Sunday 8th April: Gate of Mars, Perugia
Strolling round Perugia looking at Renaissance architecture, it started to rain. So we left the centro storico and walked back to the car. On the way we discovered the Gate of Mars, which was originally an Etruscan gate which got tarted up by the Romans. It led into subterranean passages within the city walls - very atmospheric, rather reminiscent of Gormenghast.
Monday 9th April: hills around Lake Trasimeno
The name of the village where we stayed, Panicale, means ‘in the heart of Pan’. The next village was called Gioveto - named after Jupiter (Jove). We walked out of Panicale on the road towards Paciano. There was a very different flora: olive trees, wild cyclamens, bugle, hornbeams, tree heath, greater periwinkle, comfrey, grape hyacinths. We turned off the road and up the hill. We didn’t quite reach the top of Monte Petrarvella, but we had lovely views of Lake Trasimeno and could see the Monte della Laga and the Monte Sibillini in the distance, which were snow-capped. This is the highest and most central part of the Apennines. While we were eating our lunch, two yellow swallowtail butterflies flew past. Further down the hill, we saw lots of lizards, more flowers (Star of Bethlehem, Italian Arum, Golden Hawksbeard) and a white swallowtail butterfly. The geology was spectacular, much folding of sedimentary rock.
Tuesday 10th April: Tarquinia
Visited the Etruscan necropolis at Tarquinia, where the painted tombs are. Many fascinating wall paintings, with dancing figures, musicians playing lyres and double pipes, animals (stags, lions, leopards, horses etc), scenes of revelry, landscapes. Amazing to think that they were painted 2500 years ago. We went in the Tombs of the Leopards, the Charons, Hunting and Fishing, the Pulcella, the Gorgon, etc. The Pulcella tomb was set into the hillside like a Mycenean tomb or a big burial mound, but with the paintings inside the resemblance ended at the door. The Etruscans used only three colours of paint: red, black, and bluish-green, but they used them to great effect. One tomb resembled a pavilion or tent, and had a tartan ceiling and a frieze of animals running all around it just below the ceiling. The Tomb of the Charons had a bas-relief door and blue winged Charons either side of the door, with inscriptions in Etruscan writing above their heads. Afterwards we drove into Tarquinia itself, which was fairly desolate (so it hasn’t changed much since DH Lawrence visited it and reached the same conclusion), but had an excellent museum of Etruscan archaeological finds, including the sarcophagi from the Tarquinia tombs, jewellery, pottery, mainly Greek style, but some with spectacular sexual positions depicted on it, some of which looked physically impossible unless you were levitating. The gold jewellery was lovely; one necklace was made of gold acorns, another had what seemed to be little jars. They also had Bronze Age fibulae (cloak pins) from the Villanova culture on display; these were very distinctive, with large round end-plates and spirally bows. They also had a collection of funerary urns, some of which were in the shape of Etruscan houses, i.e. oval. The acropolis was on the hill opposite the necropolis.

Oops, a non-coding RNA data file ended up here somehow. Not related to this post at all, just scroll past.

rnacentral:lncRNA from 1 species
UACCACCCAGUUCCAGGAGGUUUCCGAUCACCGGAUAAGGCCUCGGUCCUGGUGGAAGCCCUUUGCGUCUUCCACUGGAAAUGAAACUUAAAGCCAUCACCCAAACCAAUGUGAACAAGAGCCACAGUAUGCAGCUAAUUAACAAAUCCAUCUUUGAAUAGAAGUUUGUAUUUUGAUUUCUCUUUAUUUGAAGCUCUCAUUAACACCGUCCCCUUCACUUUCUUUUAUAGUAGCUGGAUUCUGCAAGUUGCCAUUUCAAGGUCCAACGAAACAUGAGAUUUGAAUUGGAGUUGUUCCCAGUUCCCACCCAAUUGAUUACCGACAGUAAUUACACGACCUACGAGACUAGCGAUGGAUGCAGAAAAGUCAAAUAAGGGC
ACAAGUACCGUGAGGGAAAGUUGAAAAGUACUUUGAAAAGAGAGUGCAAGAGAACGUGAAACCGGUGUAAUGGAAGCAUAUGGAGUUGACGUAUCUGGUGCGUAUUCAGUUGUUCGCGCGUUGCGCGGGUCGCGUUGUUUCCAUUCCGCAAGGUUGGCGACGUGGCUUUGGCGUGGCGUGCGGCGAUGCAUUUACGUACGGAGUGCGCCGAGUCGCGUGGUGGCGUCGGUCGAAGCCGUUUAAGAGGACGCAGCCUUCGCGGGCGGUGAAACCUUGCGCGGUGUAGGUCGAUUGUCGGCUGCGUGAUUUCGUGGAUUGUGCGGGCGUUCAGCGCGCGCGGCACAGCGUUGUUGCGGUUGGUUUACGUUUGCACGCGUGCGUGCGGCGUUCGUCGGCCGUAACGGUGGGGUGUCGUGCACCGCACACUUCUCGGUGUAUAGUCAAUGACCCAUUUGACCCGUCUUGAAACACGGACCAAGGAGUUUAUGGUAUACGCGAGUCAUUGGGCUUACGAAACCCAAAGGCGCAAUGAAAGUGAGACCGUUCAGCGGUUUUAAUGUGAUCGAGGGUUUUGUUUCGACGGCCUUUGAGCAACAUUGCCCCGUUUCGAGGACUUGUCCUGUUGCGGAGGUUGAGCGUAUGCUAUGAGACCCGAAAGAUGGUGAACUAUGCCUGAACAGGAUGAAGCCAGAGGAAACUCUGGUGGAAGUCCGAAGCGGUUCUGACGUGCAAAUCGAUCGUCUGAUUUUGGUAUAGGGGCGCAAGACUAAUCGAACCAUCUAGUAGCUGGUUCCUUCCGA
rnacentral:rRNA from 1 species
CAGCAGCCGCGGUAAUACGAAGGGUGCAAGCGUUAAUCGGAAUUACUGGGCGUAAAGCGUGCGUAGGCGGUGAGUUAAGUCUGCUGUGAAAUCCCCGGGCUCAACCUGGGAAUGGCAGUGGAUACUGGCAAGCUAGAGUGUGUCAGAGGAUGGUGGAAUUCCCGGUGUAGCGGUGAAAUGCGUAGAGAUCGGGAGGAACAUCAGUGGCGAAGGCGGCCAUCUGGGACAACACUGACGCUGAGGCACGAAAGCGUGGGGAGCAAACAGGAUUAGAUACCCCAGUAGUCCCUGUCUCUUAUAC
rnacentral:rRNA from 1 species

11th April: Assisi
Well, we had to go and pay our respects to the most Pagan of saints, Francesco. One of his canticles speaks of Brother Sun and Sister Moon. Of course being a 12th century saint he was a bit excessively ascetic, but on the whole he was alright. There is also the façade of a 1st century temple of Minerva (of course the interior was converted into a church, but the plan of the temple was preserved underneath the ghastly baroque schmalz). Apparently Goethe admired the façade, which he said was perfectly proportioned.
12th April: Carsulae and Orvieto
Visited the remains of a Roman town at Carsulae, which was abandoned in the first century CE. It was lovely there, very peaceful, lots of birds singing. There was a Roman theatre and an amphitheatre, so we recited various things in the theatre. I found several Lady Orchids there (very spectacular) and there were lots of pink anemones and some Early Purple Orchids. There was also a Temple of the Dioscuri (Castor and Pollux), also known as the Gemini. Funnily enough we passed a sign to the town of San Gemini later on - clearly a thinly-disguised Pagan survival. Outside the city gate was a large round mausoleum, and a pointy tower (both tombs). We also found Venus’s Looking Glass (Legousia hybrida), Star of Bethlehem, and anemones. The Via Flaminia (an ancient Roman road) passed through the town, and cart ruts worn into the paving stones were still visible. The line of the road was heading directly towards a distinctive rounded hill on the horizon. Afterwards we drove from Carsulae to Orvieto through the valley of the Lago di Corbaro, whose waters flow into the River Tiber (Fiume Tevere in modern Italian). Orvieto sits enthroned on a huge outcrop of rock, selected by the Etruscans or the culture that preceded them for its invulnerability to attack. Etruscan walls, tombs, and cisterns have been found in the city. Beneath its cliffs is the Etruscan necropolis of Crocifisso del Tufa. It is a beautiful place, full of flowers and blossoming trees. In the late afternoon light it all glowed like the Summerlands. The tombs were arranged in little streets, their low trapezoid doorways had inscriptions in Etruscan cut into the tufa blocks. The older tombs had a conical stone point on the roof. Inside the construction was stepped. There were two types of tomb - the earlier one had a stone couch for the deceased on the left hand wall and the rear wall. The later type had a small antechamber with orthostats (upright slabs) before the burial chamber proper. On the top of Orvieto’s rock is a the base of a little Etruscan temple of unknown dedication, overgrown with grass and flowers, perfectly proportioned according to the classical layout, with steps sweeping up to the façade.